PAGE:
Hopefully we’ve outgrown this “grass is always greener” tendency and are now somewhat permanently rooted in wherever we’re calling “home” now. And this is a good thing—because it allows us to pursue localism, as my son’s college professor called it. That is the idea of investing one’s time, effort, and resources in one’s own community.

Why are we always looking elsewhere? Our media is perpetually turning our heads to either Washington or Hollywood, neither of which are attainable for the vast majority of us, and neither of which are healthy to obsess over. We are constantly urged to support or hate a particular political figure because of what they stand for, but this saps our energy and focus from where it should be—making change right here at home. 

You want to make a difference? Act locally. Start with your own family, and then shoulder the responsibilities inherent in your church and local community. You want to end hunger? Feed someone or volunteer in a local food bank or your parish St. Vincent de Paul society. You want to combat illiteracy? Teach someone to read or volunteer at your local library. You want to stop our cultural slide in a particular direction? Stand for election to a local office and be one of the decision-makers. You hate what your school system is teaching our kids? Get on the damn school board and do something about it. You want to make a difference? Act locally. Start with your own family, and then shoulder the responsibilities inherent in your church and local community.Tweet This

Disney has been instrumental in undermining traditional values and advancing the LGBTQ+ agenda for decades. It didn’t happen overnight—they did it by taking control of the board and keeping it. How does something like Drag Queen Story Hour even come about? Local library boards promoted or allowed it. We’re not going to stop these things by wringing our hands and praying more (as if we weren’t already). We’re going to stop them by getting into positions that actually have some influence and using those positions to hold the line.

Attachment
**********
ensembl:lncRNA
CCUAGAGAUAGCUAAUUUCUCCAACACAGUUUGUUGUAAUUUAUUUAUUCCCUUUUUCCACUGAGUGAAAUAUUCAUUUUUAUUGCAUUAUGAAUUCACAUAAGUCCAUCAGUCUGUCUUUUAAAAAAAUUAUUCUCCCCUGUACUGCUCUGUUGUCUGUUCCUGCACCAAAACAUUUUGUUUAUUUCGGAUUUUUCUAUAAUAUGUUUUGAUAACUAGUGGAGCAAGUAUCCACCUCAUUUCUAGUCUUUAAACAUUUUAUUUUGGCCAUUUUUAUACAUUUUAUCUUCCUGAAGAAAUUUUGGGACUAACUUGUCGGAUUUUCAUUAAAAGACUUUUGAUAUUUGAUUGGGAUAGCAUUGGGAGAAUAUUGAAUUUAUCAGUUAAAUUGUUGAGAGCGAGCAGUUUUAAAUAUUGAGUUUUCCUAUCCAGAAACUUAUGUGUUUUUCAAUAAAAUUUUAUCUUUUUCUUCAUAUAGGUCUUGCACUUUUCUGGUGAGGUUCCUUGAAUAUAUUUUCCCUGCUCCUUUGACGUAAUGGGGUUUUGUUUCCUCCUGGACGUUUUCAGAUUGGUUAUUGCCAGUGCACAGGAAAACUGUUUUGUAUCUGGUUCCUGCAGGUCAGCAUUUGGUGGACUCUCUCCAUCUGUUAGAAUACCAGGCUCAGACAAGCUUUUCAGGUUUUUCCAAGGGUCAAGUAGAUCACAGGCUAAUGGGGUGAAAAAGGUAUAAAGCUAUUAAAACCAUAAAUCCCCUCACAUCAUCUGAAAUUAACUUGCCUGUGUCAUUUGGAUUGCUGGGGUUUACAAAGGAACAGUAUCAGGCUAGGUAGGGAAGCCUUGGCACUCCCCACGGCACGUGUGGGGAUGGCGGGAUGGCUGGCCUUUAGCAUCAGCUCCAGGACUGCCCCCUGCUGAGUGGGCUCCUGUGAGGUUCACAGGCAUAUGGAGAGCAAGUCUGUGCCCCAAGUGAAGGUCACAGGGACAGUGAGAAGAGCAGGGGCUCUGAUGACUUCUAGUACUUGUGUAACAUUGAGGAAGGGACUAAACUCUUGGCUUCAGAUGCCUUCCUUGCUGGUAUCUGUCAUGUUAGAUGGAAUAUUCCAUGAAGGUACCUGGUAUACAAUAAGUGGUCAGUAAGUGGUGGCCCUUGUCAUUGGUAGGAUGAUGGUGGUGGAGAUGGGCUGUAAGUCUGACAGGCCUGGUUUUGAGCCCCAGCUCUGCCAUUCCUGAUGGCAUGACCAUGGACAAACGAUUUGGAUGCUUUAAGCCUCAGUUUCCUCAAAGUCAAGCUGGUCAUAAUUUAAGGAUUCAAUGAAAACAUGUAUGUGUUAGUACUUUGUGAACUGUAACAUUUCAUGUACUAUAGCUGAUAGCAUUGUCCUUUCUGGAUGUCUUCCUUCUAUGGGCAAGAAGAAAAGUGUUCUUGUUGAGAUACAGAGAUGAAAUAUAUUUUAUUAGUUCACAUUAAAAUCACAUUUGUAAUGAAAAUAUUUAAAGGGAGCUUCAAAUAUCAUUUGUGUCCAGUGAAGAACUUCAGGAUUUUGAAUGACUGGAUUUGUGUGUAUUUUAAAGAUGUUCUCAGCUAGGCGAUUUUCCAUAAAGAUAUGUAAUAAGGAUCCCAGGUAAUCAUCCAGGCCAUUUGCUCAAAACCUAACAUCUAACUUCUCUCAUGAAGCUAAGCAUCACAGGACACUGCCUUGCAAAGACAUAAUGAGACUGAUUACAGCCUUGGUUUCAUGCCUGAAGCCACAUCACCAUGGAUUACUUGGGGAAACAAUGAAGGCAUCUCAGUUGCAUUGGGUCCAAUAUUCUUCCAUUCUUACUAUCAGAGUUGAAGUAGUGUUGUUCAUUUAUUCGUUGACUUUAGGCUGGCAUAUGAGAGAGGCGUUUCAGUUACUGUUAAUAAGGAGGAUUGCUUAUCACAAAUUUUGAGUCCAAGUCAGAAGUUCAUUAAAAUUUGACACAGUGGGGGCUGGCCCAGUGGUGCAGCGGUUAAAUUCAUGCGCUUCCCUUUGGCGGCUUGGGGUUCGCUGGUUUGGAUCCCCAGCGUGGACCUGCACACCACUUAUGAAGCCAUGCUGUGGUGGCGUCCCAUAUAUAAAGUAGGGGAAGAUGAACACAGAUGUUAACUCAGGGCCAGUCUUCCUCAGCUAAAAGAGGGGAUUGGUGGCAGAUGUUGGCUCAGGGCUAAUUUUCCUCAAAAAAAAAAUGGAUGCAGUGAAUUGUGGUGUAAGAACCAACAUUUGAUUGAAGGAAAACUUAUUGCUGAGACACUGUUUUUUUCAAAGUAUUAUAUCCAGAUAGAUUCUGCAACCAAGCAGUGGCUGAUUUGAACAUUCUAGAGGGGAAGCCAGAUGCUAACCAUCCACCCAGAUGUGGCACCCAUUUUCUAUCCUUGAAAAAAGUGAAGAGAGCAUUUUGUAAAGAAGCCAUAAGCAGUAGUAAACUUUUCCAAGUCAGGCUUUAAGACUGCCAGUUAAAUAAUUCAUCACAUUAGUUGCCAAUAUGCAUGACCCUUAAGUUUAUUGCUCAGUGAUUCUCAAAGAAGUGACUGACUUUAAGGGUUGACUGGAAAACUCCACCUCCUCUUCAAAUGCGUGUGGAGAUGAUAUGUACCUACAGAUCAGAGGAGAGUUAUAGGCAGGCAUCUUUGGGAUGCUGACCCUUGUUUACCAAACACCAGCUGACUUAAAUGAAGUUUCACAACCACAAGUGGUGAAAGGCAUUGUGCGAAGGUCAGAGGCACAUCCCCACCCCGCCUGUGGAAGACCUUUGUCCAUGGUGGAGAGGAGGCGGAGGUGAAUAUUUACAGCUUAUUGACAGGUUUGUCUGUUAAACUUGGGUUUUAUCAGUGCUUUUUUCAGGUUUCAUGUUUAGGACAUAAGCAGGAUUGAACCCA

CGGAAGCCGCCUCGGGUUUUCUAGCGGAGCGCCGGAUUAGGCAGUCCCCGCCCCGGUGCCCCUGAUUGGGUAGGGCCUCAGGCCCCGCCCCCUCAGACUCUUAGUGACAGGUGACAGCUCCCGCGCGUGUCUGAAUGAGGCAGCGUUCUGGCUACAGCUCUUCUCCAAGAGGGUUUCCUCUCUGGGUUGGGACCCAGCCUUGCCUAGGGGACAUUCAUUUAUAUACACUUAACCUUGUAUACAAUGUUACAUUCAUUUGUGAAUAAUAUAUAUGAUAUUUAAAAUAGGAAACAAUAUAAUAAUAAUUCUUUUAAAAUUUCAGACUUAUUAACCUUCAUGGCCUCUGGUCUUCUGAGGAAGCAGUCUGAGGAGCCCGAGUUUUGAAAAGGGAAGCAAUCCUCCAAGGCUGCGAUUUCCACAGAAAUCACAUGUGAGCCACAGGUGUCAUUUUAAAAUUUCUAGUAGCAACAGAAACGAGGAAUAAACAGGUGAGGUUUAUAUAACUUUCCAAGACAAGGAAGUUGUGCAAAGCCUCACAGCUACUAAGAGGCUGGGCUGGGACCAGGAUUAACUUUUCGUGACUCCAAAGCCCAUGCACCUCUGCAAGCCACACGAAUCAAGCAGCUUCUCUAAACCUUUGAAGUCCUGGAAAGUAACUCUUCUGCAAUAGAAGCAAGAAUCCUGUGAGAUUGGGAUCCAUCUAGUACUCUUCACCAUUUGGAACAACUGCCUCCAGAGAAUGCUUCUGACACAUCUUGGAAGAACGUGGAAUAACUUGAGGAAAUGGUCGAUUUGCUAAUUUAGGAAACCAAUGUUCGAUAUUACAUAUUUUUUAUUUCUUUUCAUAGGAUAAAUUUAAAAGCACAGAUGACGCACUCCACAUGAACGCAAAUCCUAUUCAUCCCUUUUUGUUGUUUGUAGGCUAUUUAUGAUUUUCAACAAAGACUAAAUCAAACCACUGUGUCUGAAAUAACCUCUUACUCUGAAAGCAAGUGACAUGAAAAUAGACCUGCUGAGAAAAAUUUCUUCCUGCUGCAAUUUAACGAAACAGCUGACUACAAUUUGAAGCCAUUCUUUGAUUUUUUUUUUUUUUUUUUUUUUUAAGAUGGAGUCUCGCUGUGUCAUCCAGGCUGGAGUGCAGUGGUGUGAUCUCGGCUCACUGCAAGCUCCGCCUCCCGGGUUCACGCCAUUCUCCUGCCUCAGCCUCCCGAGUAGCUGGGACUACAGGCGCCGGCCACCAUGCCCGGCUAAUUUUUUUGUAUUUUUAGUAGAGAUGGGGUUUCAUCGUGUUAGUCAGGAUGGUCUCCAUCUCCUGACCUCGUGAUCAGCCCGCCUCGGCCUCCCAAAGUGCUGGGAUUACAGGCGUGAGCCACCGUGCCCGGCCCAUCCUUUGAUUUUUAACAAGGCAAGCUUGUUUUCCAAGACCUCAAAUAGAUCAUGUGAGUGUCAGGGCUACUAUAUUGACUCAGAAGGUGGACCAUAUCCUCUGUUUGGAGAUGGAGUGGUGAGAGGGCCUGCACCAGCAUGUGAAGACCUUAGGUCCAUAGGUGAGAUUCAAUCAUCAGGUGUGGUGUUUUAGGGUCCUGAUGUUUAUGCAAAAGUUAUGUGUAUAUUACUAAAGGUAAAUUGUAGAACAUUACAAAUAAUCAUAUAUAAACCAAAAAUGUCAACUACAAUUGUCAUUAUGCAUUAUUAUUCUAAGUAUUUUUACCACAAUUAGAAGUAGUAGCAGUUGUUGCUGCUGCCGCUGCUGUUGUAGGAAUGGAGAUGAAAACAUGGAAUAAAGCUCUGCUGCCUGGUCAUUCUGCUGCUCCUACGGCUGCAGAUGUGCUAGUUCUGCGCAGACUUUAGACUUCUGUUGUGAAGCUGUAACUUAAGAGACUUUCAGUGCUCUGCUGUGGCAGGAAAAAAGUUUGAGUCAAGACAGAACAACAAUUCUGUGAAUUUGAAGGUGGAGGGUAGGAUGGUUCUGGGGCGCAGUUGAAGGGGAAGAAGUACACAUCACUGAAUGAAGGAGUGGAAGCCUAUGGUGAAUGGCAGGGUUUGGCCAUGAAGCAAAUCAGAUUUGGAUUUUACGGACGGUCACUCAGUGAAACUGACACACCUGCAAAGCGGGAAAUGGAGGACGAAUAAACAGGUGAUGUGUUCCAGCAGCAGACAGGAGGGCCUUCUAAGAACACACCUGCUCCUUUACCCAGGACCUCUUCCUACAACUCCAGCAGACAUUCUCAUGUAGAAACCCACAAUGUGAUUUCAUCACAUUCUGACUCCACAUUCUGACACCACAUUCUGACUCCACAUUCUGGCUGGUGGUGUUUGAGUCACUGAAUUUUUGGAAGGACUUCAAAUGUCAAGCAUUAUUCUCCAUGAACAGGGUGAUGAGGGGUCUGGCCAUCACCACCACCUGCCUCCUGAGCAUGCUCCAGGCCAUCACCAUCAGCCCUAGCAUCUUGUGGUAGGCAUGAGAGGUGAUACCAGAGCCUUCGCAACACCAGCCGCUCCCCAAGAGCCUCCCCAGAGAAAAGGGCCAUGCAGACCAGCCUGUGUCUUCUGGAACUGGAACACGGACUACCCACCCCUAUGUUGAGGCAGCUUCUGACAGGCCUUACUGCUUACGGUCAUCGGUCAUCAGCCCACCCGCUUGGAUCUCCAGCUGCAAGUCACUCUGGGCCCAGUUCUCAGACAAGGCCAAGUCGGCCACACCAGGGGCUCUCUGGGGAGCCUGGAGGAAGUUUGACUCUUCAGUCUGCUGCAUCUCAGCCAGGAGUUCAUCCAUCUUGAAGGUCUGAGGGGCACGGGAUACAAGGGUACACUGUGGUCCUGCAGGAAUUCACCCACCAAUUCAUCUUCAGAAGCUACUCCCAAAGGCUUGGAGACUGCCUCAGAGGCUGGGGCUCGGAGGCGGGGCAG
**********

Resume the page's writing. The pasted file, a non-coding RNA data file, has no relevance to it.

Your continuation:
I have held local elected office for the past 10 years: I know how hard it can be to take an unpopular vote and to be blamed for everything that happens. But, quite literally, someone’s gotta do it. And if we don’t, then shame on us.

Progressives are often inspired to “be the change.” Conservatives need to learn the same lesson. Be the heritage. Be the rock. Be the gadfly who refuses to allow socialism to control your town. Be the town crank over whose dead body your governor will have to crawl to impose unconstitutional lockdowns in your town.

That’s the burden of self-governance, my friends. Somebody is going to be writing the laws and ordinances, and somebody is going to be making decisions that affect everybody. Why shouldn’t it be you? Stop waiting for “a leader” to ride in on a white horse and save us; and stop the fruitless arguing on social media about who should run for President in 2024. Get involved and take back your community now, before it’s too late.

  • Jason Negri

    Jason Negri received his bachelor’s and master’s degrees from Franciscan University and his law degree as a member of the inaugural class of Ave Maria School of Law. He is a practicing attorney and the elected Treasurer of Hamburg Township in Michigan. He is a member of Holy Spirit Church in Brighton, where he sings in the choir and serves on the parish council. He is also the founder and executive director of the Daniel Coalition, an organization of laity formed to advocate for victims of clerical sexual abuse in the Diocese of Lansing. He and his wife Samantha have 5 children and 3+ grandchildren.